Click to return to homepage

Captain Zeppos -- Series One

Click here to return to UK homepage

The Series
• Series One
• Series One (BBC)
• Series Two
• Series Three
• Kurrel & Co.
• The Feature Film

Further Detail
• Biographies
• The Cars
• Merchandise
• Home Video

Diversions
• Museum at the Mill
• Zeppos Café
• BRT/VRT Series

Adventurer
• What's New?
• Credits & Links
• Contact Us

Copyright Notice:
The television programme Kapitein Zeppos is © VRT. Adventurer makes no attempt to assume or supercede copyright. Copyright remains with the copyright holders.

The entire written content of this website is © Sabos/Tweng and reproduction is forbidden without express permission.

This website is a non-profit making, academic reference and research work, written and compiled in private study and is classified under the Copyright Designs and Patents Act 1988 as "Fair Dealing".

Series One Pages:

Introduction

Episode Guide

Cast and Crew

Locations

Captain Zeppos -- Introduction

When Kapitein Zeppos was launched on Belgian television in 1964, it was the latest in a growing line of memorable children's television productions produced by the BRT. The previous year had seen the light-hearted time travel romp, De tijdscapsule ("The Time Capsule") which, in common with Kapitein Zeppos, was directed  by Senne Rouffaer and produced by Rik Van den Abbeele. But of all Belgian children's television, it was 1964's entry which would perhaps become the most fondly recalled.

Kapitein Zeppos told the story of a mysterious man, Jan Stephorst, who has returned from his travels in Greece, Arabia, Turkey and Crete. In Greece, he became known as Captain Zeppos - the 'captain' because he owned a boat, and 'Zeppos' because the locals couldn't pronounce 'Stephorst'. It is under this moniker that Stephorst returns incognito to his homeland of Belgium to claim his inheritance - the beautiful castle and grounds of the Belderbos estate. His return is greeted with much suspicion among the townsfolk of the nearby Belder, but he is at least welcomed by young Ben Kurrel who quickly forms a strong bond of friendship with the stranger. As the story progresses, it becomes apparent that there is more to the Belderbos estate than either Zeppos or the people of Belder ever realised.

The introductory Kapitein Zeppos serial was written by Lode de Groof (also known as Louis) - who contributed many scripts for the Belgian youth series over the years - and featured Senne Rouffaer as the eponymous Captain. Rouffaer had been engaged to direct the serial and was not originally cast as Zeppos - Ward de Ravet, who would ultimately play the Captain's nemesis, Baral, later in the serial, was the original choice to play Zeppos. Due to illness just prior to the start of filming, de Ravet had to be quickly replaced - and consequently, it was Senne Rouffaer who ended up playing one of the most celebrated roles in Belgian children's television, while de Ravet was left to recover from his illness, joining the production further down the line as Baral. It's fascinating to consider how the series would have turned out with de Ravet in the role - he and Senne Rouffaer were very different types, in terms of appearance, age and build. No doubt about it, Ward de Ravet's Kapitein Zeppos would have been a very different animal.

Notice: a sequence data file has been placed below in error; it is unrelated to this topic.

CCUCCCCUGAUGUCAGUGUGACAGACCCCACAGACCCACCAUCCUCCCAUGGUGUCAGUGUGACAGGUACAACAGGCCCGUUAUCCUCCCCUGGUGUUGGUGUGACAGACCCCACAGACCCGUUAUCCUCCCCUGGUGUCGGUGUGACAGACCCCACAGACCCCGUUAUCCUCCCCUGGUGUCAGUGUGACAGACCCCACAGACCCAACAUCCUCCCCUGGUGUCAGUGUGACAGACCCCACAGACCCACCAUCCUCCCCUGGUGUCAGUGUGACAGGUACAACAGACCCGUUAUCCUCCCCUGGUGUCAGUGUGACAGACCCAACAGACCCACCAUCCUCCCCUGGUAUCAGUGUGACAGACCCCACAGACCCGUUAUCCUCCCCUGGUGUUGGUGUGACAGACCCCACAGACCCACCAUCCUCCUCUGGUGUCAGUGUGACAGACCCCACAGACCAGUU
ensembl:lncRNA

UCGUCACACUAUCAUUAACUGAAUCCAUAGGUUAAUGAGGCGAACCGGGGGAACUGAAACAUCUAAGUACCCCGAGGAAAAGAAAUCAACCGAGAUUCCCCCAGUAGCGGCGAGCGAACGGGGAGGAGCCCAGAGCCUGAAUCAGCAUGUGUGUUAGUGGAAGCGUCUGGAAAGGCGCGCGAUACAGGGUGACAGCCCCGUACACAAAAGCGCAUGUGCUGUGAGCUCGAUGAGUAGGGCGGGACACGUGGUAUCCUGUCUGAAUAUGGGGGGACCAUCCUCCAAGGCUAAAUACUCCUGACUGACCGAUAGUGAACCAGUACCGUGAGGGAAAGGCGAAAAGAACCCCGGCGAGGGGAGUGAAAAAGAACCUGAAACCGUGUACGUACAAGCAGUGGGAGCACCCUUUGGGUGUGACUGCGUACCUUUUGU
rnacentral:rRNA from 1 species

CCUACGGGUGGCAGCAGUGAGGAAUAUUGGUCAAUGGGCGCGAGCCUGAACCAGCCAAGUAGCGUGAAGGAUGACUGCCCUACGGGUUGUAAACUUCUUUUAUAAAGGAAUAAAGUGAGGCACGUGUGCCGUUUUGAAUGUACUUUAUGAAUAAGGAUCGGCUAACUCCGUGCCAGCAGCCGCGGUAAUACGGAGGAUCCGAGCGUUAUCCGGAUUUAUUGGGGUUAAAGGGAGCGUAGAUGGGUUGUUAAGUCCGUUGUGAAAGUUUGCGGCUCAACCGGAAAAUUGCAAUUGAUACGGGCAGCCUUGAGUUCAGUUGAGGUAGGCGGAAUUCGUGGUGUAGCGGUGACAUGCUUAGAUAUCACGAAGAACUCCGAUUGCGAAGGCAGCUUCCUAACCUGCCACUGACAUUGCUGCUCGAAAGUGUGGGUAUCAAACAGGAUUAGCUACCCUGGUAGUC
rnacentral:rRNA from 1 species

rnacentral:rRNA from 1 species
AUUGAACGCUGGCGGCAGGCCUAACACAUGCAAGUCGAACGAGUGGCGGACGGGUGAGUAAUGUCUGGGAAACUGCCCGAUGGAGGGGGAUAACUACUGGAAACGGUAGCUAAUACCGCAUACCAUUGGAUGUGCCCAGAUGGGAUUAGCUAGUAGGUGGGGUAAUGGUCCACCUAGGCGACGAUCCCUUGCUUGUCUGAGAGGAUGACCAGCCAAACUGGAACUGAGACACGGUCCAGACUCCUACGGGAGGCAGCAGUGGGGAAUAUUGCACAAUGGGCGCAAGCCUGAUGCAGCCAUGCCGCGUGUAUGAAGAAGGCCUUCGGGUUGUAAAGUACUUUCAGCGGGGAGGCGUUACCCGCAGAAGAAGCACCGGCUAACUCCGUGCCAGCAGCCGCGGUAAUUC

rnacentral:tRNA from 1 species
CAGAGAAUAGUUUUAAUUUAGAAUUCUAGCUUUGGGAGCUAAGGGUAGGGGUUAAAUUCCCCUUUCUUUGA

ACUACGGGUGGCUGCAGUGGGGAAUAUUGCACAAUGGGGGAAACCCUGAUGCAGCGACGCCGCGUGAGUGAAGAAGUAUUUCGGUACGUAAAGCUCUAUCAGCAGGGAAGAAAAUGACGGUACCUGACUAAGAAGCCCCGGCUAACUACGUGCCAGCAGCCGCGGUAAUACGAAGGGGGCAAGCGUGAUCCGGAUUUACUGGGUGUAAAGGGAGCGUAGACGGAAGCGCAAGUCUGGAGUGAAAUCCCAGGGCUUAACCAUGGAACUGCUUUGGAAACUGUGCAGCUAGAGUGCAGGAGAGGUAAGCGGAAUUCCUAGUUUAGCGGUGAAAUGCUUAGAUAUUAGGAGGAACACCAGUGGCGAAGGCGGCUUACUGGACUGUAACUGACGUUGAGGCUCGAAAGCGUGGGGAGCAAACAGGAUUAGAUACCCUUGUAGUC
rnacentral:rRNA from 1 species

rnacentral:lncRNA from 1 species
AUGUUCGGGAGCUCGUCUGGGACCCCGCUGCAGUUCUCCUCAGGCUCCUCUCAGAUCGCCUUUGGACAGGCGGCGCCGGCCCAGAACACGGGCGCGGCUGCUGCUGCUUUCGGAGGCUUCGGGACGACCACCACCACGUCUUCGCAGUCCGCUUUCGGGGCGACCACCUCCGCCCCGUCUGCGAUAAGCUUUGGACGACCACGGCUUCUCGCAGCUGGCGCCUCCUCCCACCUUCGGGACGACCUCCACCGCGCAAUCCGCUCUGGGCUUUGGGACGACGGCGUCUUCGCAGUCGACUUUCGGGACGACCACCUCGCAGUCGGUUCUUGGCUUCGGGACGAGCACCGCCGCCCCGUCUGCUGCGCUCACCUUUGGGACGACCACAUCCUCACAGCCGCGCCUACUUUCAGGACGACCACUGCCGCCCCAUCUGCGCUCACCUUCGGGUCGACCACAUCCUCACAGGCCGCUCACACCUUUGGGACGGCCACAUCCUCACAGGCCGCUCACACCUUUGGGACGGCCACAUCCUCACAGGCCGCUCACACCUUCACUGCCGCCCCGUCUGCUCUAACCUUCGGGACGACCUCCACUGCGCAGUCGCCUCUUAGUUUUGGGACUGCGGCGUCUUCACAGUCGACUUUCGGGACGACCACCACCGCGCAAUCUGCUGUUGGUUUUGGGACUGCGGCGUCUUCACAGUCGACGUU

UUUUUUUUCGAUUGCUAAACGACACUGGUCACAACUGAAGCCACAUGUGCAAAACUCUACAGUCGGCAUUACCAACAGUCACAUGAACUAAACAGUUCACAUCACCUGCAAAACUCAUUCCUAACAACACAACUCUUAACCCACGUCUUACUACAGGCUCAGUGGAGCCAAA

The series was transmitted to enthusiastic audiences, making its mark over its sixteen week transmission - enough to generate a tie-in novel and two sequels four years later. The success of Kapitein Zeppos was not, however, restricted to Belgium. The original Flemish version went on to be broadcast in the Netherlands, Sweden and Finland and the BBC in the United Kingdom also saw the potential of the series and acquired it for broadcast there too. As was the common BBC practice at that time, a new soundtrack was recorded in English, and the episodes edited to fit the timeslots. This BBC version was then distributed to English-speaking nations, and, as Captain Zeppos, the series aired in countries such as Australia, Canada, Ireland, Jamaica and New Zealand. The English language prints also made it (subtitled, we assume) to Egypt, Hong Kong, Japan and Nigeria. Unfortunately, only the first series was ever dubbed into English. You can read more about the English version elsewhere on our site.

This first 16 episode Kapitein Zeppos serial cost 5 million Belgian francs to make, which was a considerably smaller budget to work to than that for similar programmes from other countries. Regardless of the skimping that had to take place, Belderbos rarely looks anything other than expensive - the locations are beautiful, the camerawork and direction first rate. It is very easy to see why Belgian children and their families became hooked upon it and fell in love with the series.

Unlike the other Kapitein Zeppos serials, the first has individual episode titles for each week's installment. These were illustrated with a series of striking caption cards. These are included in our episode guide.

All episodes exist today on film in the VRT Archives and have been released on home video in Belgium. This serial was repeated on Belgian television in 1979, 1985 and most recently between Sunday 5th October 2003 and Sunday 11th January 2004.

For other pages in this section, please use the links at the top of the page.